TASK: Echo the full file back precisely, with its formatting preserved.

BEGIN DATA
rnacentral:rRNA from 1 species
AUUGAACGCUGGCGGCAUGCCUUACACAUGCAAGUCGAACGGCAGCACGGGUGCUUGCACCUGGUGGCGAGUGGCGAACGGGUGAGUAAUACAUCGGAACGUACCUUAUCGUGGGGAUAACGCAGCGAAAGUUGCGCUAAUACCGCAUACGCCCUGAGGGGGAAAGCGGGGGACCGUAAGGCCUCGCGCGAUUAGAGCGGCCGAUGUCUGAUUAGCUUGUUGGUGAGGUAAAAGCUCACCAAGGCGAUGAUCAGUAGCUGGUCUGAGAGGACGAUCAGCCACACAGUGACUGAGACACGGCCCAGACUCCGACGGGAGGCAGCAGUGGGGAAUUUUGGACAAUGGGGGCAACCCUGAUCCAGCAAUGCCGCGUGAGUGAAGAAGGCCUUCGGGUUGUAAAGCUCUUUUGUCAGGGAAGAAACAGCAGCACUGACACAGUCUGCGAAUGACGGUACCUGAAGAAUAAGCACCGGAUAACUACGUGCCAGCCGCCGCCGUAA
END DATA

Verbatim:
rnacentral:rRNA from 1 species
AUUGAACGCUGGCGGCAUGCCUUACACAUGCAAGUCGAACGGCAGCACGGGUGCUUGCACCUGGUGGCGAGUGGCGAACGGGUGAGUAAUACAUCGGAACGUACCUUAUCGUGGGGAUAACGCAGCGAAAGUUGCGCUAAUACCGCAUACGCCCUGAGGGGGAAAGCGGGGGACCGUAAGGCCUCGCGCGAUUAGAGCGGCCGAUGUCUGAUUAGCUUGUUGGUGAGGUAAAAGCUCACCAAGGCGAUGAUCAGUAGCUGGUCUGAGAGGACGAUCAGCCACACAGUGACUGAGACACGGCCCAGACUCCGACGGGAGGCAGCAGUGGGGAAUUUUGGACAAUGGGGGCAACCCUGAUCCAGCAAUGCCGCGUGAGUGAAGAAGGCCUUCGGGUUGUAAAGCUCUUUUGUCAGGGAAGAAACAGCAGCACUGACACAGUCUGCGAAUGACGGUACCUGAAGAAUAAGCACCGGAUAACUACGUGCCAGCCGCCGCCGUAA